Lord Carter's Sack O' Bricks

Lord Carter's After Dinner Games
aka Bausack (Zoch, £38)
aka Bandu (MB, £20?)
Designed by Klaus Zoch
2-6? Players, about 30 minutes
Reviewed by Mike Siggins

There was a time when Bausack, that infamous German game that involves building towers out of blocks of oddly shaped wood, had a certain exclusivity. You could only buy it in Germany or on import and the price (often nearly £50 for what amounted to a bag of wood) was enough to deter all but the excessively keen (hello) or the terminally stupid. This was rather a shame as the game seems to be almost universally popular. Only with last year's release of MB's Bandu, at prices closer to $30, did the game begin to acquire relatively widespread coverage, but the UK was still stuck for a domestic source.

You can imagine my surprise then when I spotted a stand at Olympia which seemed to be selling bags of wood in a very Bausack-ish bag. I thought initially it must be a copy but the game turned out to be Lord Carter's Sack O' Bricks, a full UK licence from Zoch in Germany and set to appear in British game shops this Spring. While I understand the price will still be in the high £30s, which is rather warm, it will be readily available. Also, whereas the latest Bausacks have rather cheaper components compared to the original (I still don't know what to do with the pegs), Sack O' Bricks has top quality wood. They have even scented one of the pieces a nice touch, but I'm not quite sure why!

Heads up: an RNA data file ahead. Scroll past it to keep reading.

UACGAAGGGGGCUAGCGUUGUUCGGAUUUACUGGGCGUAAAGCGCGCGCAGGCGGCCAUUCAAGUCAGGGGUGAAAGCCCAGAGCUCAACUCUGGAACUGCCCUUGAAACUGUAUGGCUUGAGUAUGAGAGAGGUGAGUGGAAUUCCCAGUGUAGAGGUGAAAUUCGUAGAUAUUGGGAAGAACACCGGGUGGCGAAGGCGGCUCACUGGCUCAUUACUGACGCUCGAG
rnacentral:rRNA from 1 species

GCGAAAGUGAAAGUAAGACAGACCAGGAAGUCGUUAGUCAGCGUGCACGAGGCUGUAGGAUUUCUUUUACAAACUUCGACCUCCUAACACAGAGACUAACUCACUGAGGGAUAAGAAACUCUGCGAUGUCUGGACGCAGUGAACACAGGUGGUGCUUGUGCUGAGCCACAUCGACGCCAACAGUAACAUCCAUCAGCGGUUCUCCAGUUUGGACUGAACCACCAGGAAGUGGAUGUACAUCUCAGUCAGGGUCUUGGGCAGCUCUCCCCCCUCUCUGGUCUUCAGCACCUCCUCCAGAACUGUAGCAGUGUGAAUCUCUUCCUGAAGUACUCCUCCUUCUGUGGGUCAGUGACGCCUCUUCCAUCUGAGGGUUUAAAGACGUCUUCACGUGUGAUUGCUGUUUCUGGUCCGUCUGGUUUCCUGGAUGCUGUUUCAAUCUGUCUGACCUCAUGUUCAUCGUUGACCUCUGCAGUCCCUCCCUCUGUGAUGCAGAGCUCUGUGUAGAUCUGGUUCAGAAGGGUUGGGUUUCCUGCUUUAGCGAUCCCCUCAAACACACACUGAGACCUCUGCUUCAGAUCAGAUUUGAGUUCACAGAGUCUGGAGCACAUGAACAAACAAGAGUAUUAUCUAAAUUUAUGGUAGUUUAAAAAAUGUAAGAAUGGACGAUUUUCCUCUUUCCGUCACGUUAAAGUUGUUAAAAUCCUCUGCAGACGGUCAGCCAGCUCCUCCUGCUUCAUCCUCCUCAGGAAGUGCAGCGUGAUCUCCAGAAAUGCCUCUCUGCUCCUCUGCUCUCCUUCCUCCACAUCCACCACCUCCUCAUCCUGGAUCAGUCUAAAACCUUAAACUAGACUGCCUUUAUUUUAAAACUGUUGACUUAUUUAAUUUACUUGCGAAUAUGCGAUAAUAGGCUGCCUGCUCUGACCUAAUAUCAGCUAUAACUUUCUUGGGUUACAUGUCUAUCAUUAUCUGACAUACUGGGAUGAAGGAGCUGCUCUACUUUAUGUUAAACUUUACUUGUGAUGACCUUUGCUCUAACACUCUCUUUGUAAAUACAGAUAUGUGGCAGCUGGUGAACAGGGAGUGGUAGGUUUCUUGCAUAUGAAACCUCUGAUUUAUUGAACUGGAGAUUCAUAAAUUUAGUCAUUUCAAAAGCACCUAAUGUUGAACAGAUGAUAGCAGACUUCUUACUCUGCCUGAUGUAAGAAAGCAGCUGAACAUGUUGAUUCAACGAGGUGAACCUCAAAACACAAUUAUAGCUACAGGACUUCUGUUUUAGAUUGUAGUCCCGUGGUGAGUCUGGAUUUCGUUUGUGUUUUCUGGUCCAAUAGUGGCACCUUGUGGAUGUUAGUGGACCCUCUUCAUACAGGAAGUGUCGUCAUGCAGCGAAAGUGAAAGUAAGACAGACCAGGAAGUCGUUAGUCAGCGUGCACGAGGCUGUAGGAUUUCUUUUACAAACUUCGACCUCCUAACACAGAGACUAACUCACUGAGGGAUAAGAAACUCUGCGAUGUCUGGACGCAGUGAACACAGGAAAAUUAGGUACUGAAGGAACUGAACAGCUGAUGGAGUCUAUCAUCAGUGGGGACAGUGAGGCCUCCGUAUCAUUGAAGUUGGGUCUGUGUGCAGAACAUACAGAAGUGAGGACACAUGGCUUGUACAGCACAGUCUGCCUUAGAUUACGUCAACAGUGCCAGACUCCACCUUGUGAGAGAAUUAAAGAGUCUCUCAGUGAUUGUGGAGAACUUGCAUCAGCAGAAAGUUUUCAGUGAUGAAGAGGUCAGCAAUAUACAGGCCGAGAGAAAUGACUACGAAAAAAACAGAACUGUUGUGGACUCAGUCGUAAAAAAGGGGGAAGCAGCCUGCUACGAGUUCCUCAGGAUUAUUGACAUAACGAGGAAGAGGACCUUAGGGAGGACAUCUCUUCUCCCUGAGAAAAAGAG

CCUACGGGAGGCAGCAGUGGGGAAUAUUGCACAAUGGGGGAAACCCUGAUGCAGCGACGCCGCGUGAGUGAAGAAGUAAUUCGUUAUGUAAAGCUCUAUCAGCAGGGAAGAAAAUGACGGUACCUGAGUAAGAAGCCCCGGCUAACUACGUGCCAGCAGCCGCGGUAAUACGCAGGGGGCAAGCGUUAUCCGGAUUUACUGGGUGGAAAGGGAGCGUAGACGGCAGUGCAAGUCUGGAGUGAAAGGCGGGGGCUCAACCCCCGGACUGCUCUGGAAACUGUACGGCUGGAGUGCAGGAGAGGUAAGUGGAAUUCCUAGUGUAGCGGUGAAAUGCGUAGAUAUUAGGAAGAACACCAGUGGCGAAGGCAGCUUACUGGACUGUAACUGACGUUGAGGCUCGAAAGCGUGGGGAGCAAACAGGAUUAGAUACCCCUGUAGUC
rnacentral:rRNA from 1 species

Now it is officially available, it might be about time to get round to a full description, which won't take too long. The game comes with a range of scenarios, all with a similar theme of building the variously shaped blocks into structures. Some concentrate on height, others on including 'red' bits (the difficult ones) and most emphasise being the last structure standing. Shapes vary from plain blocks, cylinders and half-domes to eggcups, acorns and skittles. The idea is, through a basic bidding system each turn, to acquire only those pieces that you have a chance of adding to your building, there and then. You ideally start with a solid block base (an acorn makes things a little tough), add perhaps a column or two to lend stability and then you are required to accommodate the oddities, always attached and upwards. This progresses until you find yourself trying to balance a ball on the end of a lipstick or place a really heavy angled block on a wobbling tower. The game ends for you when it all falls over, to much hilarity and dented tabletops.

At the end of the day, Sack O'Bricks still represents a lot of money to pay for a bag of timber and doubtless there will be resistance from adults to sitting down and playing a game that takes them way back to their childhood. Of course those that do, and any kids readily joining them, will find a superb, fun game that remains a fixture here to this day. It never fails to raise a laugh, and it is hard to quantify that asset you must decide whether the price is a fair one.

On to the review of Die Erbraffer or back to the review of PinPoint.

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